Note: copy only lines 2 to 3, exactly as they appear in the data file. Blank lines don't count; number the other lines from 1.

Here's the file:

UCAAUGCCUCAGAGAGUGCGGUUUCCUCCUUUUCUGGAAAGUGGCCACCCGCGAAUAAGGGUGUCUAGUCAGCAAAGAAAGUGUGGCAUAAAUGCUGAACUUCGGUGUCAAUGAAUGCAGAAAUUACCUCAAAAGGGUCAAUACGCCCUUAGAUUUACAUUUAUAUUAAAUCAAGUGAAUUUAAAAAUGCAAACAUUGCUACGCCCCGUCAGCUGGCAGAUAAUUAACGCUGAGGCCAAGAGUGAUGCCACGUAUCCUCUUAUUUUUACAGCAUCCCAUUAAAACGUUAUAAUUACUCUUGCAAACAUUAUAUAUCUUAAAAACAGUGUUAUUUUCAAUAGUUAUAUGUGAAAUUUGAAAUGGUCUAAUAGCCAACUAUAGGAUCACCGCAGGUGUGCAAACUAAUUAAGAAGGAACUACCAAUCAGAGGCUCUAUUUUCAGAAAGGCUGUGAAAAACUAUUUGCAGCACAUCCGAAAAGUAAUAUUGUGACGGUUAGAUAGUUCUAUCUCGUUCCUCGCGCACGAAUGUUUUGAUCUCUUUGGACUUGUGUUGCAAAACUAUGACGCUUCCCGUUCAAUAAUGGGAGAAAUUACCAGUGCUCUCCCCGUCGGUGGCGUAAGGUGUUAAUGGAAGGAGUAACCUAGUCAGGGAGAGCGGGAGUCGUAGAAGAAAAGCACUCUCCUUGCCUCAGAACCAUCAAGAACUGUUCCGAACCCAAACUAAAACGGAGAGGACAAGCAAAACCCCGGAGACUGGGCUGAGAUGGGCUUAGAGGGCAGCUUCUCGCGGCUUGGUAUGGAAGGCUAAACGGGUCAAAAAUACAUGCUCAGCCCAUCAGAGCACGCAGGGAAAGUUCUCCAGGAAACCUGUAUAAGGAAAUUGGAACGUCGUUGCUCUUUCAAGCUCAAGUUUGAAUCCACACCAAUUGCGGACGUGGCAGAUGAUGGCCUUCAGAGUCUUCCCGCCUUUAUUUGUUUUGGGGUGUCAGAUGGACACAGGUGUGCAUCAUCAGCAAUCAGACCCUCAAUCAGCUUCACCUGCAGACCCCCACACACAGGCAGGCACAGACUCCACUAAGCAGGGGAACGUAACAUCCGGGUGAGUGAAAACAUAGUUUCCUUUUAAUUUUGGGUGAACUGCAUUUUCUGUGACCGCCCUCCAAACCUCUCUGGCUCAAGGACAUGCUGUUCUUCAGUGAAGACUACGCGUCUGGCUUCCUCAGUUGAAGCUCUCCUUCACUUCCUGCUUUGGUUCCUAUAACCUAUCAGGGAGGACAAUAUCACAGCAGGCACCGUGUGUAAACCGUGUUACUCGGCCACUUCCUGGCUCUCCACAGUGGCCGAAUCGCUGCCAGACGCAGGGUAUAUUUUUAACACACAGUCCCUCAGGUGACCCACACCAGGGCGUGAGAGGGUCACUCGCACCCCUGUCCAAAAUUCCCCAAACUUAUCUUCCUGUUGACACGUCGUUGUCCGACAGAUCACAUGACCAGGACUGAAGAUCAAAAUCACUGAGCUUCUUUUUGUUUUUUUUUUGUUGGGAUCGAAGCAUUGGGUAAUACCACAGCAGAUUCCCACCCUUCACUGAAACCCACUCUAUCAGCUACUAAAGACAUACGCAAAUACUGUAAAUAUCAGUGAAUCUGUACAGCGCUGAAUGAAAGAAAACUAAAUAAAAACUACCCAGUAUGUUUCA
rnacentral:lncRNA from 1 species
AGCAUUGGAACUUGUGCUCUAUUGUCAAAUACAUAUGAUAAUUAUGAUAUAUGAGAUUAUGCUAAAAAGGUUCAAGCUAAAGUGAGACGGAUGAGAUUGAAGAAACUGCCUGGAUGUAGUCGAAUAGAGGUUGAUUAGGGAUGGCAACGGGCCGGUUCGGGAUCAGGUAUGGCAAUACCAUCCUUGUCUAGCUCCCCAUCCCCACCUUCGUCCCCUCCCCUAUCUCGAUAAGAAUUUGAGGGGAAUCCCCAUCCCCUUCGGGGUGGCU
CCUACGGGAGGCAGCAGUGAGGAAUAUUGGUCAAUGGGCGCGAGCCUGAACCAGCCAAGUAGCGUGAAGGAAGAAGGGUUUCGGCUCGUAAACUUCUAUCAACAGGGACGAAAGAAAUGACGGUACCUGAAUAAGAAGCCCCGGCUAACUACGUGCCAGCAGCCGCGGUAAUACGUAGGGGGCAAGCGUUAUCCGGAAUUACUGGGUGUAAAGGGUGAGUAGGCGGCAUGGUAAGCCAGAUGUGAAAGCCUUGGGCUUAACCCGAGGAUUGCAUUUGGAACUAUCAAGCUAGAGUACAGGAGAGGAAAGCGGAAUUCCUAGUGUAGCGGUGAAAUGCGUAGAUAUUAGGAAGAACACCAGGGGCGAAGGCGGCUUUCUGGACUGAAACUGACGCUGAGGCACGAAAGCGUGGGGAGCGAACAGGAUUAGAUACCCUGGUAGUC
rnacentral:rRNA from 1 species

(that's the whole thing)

rnacentral:lncRNA from 1 species
AGCAUUGGAACUUGUGCUCUAUUGUCAAAUACAUAUGAUAAUUAUGAUAUAUGAGAUUAUGCUAAAAAGGUUCAAGCUAAAGUGAGACGGAUGAGAUUGAAGAAACUGCCUGGAUGUAGUCGAAUAGAGGUUGAUUAGGGAUGGCAACGGGCCGGUUCGGGAUCAGGUAUGGCAAUACCAUCCUUGUCUAGCUCCCCAUCCCCACCUUCGUCCCCUCCCCUAUCUCGAUAAGAAUUUGAGGGGAAUCCCCAUCCCCUUCGGGGUGGCU